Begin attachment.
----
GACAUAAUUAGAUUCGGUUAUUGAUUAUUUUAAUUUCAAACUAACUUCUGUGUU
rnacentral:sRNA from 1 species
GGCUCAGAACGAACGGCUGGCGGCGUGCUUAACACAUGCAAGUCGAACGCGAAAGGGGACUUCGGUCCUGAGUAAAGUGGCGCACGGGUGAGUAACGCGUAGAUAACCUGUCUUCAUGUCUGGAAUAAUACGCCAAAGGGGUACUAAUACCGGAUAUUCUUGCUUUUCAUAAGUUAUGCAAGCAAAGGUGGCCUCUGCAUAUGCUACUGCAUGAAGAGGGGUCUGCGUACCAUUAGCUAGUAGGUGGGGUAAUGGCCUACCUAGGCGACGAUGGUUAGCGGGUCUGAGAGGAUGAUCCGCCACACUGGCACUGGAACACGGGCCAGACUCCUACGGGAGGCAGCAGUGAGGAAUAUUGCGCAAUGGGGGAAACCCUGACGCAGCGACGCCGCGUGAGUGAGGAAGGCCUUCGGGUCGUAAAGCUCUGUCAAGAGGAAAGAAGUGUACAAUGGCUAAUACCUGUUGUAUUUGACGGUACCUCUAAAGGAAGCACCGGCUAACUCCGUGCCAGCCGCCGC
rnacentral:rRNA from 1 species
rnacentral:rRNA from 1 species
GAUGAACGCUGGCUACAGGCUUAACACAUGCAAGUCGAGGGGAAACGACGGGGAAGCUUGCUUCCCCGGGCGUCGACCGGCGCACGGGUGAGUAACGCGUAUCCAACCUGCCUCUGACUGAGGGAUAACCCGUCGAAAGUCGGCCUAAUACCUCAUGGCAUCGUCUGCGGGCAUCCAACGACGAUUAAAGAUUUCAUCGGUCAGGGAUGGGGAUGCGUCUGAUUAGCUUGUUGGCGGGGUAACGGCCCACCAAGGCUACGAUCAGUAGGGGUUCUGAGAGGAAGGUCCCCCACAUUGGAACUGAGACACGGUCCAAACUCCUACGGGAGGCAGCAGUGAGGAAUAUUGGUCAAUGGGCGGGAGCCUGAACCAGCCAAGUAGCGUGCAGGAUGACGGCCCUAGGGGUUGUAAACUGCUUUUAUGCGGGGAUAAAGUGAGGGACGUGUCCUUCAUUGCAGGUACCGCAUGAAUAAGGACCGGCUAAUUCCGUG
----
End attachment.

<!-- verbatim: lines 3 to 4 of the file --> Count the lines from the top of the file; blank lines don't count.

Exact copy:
GGCUCAGAACGAACGGCUGGCGGCGUGCUUAACACAUGCAAGUCGAACGCGAAAGGGGACUUCGGUCCUGAGUAAAGUGGCGCACGGGUGAGUAACGCGUAGAUAACCUGUCUUCAUGUCUGGAAUAAUACGCCAAAGGGGUACUAAUACCGGAUAUUCUUGCUUUUCAUAAGUUAUGCAAGCAAAGGUGGCCUCUGCAUAUGCUACUGCAUGAAGAGGGGUCUGCGUACCAUUAGCUAGUAGGUGGGGUAAUGGCCUACCUAGGCGACGAUGGUUAGCGGGUCUGAGAGGAUGAUCCGCCACACUGGCACUGGAACACGGGCCAGACUCCUACGGGAGGCAGCAGUGAGGAAUAUUGCGCAAUGGGGGAAACCCUGACGCAGCGACGCCGCGUGAGUGAGGAAGGCCUUCGGGUCGUAAAGCUCUGUCAAGAGGAAAGAAGUGUACAAUGGCUAAUACCUGUUGUAUUUGACGGUACCUCUAAAGGAAGCACCGGCUAACUCCGUGCCAGCCGCCGC
rnacentral:rRNA from 1 species